Governor Brian Kemp signed Senate Bill 48 into law, which ultimately would require all Georgia’s elementary schools to screen every kindergartener for dyslexia and a few other learning disorders (namely, aphasia, dyscalculia, and dysgraphia) following a three-year pilot program to be started in 2020-2021. Additionally, training and teacher professional development will be updated to increase and improve the implementation of evidence-based practices for instructing students identified with or displaying characteristics of dyslexia and the other disorders.
In his opening remarks, Senate Education Committee Chair P.K. Martin (R-9th) the time has come where we “finally acknowledge dyslexia in our current code. We are putting forward effective and efficient tools for students to succeed.” To date, dyslexia has not appeared in our current Georgia code. Martin went on to thank the parents, students and child advocates in the room, “without you, it wouldn’t have happened.”
Dyslexia is a language-based learning disability, which results in difficulties with specific language skills including reading, writing, and pronouncing words. An estimated 10-20% of the population has some symptoms of dyslexia, and research shows when teachers are trained to spot dyslexia early, 90% of children can be taught in a regular classroom.1
Last summer, Voices’ board member Phil Jacobs (Founding Partner, Pendleton Consulting Group) testified in front of the Senate Study Committee on Dyslexia. There Phil shared his own experiences struggling with dyslexia with committee members.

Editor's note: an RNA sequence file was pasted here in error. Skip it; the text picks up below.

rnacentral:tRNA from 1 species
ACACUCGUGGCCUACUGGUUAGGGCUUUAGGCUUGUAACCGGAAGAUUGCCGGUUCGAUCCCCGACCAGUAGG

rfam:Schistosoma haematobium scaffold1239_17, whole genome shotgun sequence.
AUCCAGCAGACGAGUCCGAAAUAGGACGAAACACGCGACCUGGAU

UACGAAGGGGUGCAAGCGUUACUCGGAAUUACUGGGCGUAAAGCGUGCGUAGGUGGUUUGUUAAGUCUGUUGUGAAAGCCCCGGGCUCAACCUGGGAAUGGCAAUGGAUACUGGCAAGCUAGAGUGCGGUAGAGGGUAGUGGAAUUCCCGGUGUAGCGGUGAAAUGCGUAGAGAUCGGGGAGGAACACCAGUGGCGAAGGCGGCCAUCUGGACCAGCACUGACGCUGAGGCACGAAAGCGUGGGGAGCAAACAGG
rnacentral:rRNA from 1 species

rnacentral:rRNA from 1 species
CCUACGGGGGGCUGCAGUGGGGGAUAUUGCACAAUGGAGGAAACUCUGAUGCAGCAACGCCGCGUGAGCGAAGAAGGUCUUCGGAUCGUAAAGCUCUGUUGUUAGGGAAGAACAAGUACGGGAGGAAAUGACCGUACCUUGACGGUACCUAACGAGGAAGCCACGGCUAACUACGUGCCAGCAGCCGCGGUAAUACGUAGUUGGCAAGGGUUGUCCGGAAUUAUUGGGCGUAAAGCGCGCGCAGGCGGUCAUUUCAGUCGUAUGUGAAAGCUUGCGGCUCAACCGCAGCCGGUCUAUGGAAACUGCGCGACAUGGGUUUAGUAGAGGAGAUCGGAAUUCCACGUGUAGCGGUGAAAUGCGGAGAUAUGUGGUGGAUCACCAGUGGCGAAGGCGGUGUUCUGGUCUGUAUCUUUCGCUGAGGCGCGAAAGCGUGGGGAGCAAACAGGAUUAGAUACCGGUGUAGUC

“I am very fortunate to have enjoyed a successful business and personal life over the past 45 years. However, success was not something I experienced during the first 8 years of my academic life. From the time I entered first grade, until well into my 8th grade year, I struggled mightily in school. My teachers, friends and even my parents came to accept the notion, as did I, that I was simply not a very bright child. In fact, I had come to believe that I well below average when it came to academics.”
Phil has had an extremely successful business career. He spent 34 years at BellSouth/AT&T, serving as President of Small Business Services for AT&T’s Southeast region and President of BellSouth’s Georgia operations. He currently serves as the board chair of the Woodruff Arts Center, and sits on the boards of the Georgia Aquarium, the East Lake Foundation, AdvancED, the Emory Global Health Institute and Voices for Georgia’s Children.
At the time, and drawing from his own experience, Phil presented several recommendations (developed by Voices in conjunction with Literacy for all and the Georgia Statewide Afterschool Network) that were incorporated into the new law, including screening children prior to first grade and training all new teachers on identifying signs of dyslexia and how to best teach students with those signs.
Voices for Georgia’s Children is excited about the progress the state is making to identify and intervene with our state’s youngest learners to ensure they have a solid start in life.
For more, check out our factsheet on Learning Disabilities in Georgia.